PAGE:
Attack of the Clones proved two things: first, that George Lucas can still write a story that combines action, intrigue and complex Machiavellian manuevers compellingly; secondly, that the man has no ear for dialogue.
It's showtime at the arena for Anakin Skywalker and Mace Windu! They are the main attraction for a ferocious Reek and evil warrior who are looking for trouble. Will the two Jedi heroes defeat the enemies? It's up to you!
To begin with, I just want to point out the fact that this set includes Mace Windu. Mace frickin' Windu! Samuel L. Jackson as a Playskool toy! How incredibly cool is that? How many people alive can say that they've been immortalized in plastic by both McFarlane Toys and Playskool? Well, "two," but that's not the point. The point is that we've got Mr. Bad Emeffer himself from the kid-friendliest company ever.
Wearing his tan Jedi robes, Mace is molded in this line's typical squat pose: legs apart, slightly bent, and hands raised to the front. He's got his purple lightsaber and a magnet imbedded in his left hand that provides "Jedi Force Action." He's got a calm but determined look on his face, and his skin is even the right shade for Mace. He stands 2 1/4" tall to the top of his bald head, and will be perfect for anyone who wanted to start working on their own custom Pulp Fiction Playskool set.
Those Skywalker lads have a fine tradition of being whiney farmboys, as evidenced by young Anakin. Sure, he's not looking to grab some power converters from Toshi station, but he does have a tendency to pout and get squeally when things don't go his way. A little shorter than Mace, little orphan Ani's wearing his dark brown robes and carrying his bright blue lightsaber - his Padawan's braid hangs down over his shoulder, and he's got a big smile on his face. His right wrist is articulated, for 'saber-swinging fun, and he too has a magnet in his left palm.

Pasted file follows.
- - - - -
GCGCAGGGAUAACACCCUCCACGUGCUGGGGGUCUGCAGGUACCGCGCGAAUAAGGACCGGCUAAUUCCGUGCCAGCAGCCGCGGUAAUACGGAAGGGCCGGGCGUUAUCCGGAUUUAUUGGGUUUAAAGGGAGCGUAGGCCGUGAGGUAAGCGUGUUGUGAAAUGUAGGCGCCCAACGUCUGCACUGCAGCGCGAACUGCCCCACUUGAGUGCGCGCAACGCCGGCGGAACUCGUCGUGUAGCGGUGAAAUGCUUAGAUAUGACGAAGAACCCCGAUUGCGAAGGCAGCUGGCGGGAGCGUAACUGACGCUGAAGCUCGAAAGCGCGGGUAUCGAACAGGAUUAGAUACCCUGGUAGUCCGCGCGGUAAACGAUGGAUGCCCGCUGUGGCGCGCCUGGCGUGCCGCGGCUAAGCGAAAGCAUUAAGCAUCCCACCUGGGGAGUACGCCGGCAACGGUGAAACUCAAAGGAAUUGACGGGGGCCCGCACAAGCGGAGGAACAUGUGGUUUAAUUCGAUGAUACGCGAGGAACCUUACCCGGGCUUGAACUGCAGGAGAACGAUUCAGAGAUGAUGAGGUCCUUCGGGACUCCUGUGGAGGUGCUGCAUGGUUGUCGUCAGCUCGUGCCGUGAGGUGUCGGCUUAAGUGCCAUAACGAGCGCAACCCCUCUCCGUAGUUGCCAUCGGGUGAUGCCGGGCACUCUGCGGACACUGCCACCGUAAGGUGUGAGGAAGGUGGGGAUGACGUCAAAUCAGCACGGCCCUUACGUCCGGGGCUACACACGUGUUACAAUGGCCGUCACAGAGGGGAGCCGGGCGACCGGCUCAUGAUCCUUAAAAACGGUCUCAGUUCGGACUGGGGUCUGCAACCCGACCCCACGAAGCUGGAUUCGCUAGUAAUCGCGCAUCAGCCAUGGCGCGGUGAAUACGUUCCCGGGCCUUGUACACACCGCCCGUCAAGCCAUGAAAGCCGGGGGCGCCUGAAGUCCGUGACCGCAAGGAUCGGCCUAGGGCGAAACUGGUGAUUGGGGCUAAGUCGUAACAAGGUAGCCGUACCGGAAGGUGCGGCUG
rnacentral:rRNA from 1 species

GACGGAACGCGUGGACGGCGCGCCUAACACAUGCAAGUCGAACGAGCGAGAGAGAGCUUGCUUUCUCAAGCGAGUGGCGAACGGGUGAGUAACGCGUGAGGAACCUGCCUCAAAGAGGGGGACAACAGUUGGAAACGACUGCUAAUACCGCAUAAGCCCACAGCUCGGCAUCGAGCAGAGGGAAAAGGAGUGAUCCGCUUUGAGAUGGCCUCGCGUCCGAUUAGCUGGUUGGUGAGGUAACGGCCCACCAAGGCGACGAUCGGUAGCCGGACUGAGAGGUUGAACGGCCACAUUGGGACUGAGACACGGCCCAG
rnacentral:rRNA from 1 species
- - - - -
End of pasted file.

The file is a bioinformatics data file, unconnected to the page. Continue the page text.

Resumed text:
In Episode II, we finally got to meet the creators of those cool little Battle Droids: the insectoid Geonosians, a race of technicians and builders whose mechanical prowess is all the more impressive considering that they live in big termite mounds. This set includes a Geonosian warrior, a green and black 2" figure with orange highlights and a 3 1/2" staff. The paint job does a good job of suggesting the warrior's iridescent exoskeleton, particularly the two-tone copper eyes. He's wearing a golden skirt, and his 1 1/4" wings are molded from clear plastic.
The biggest member of this set (aside from Mace, who gets the title of "biggest member" for a different reason) is the mighty Reek. The big rhino-like beast that attacked Anakin in the arena battle, the Reek is more than 3 1/2" tall in Playskool skale. His brown and red skin is textured nicely, with all the wrinkles and warts you'd expect on a creature like this, and his three yellow horns are ridged and cracked. The sculptors even got the big black ring through his nose.
Just like the Wampa, the Reek has an action feature: pull on his back left leg, and he raises his head for "awesome head-ramming action." Nothing's better than having Mace ignore Anakin's cries for help as this mighty beast shatters the youngsters bones and ruptures his internal organs. Man, that Mace he doesn't have time to save whitey when he's busy trying to watch his own black ass. Word. Both the Jedi can ride on the Reek's back, or hang off his side using their "Jedi Force" magnets.
Overall, the theme of the Playskool sets is "cute." The people, the beasts, the vehicles are all much more adorable than ever before. Unfortunately, Playskool seems to have done what no other Star Wars licensee has ever managed: underestimated the demand for their product. The sets are fairly difficult to find, between the folks buying them for their kids and folks buying them for themselves. These are great toys, if you can find them.
What as-yet-un-Playskooled characters do you want to see? Tell us on our message board, The Loafing Lounge.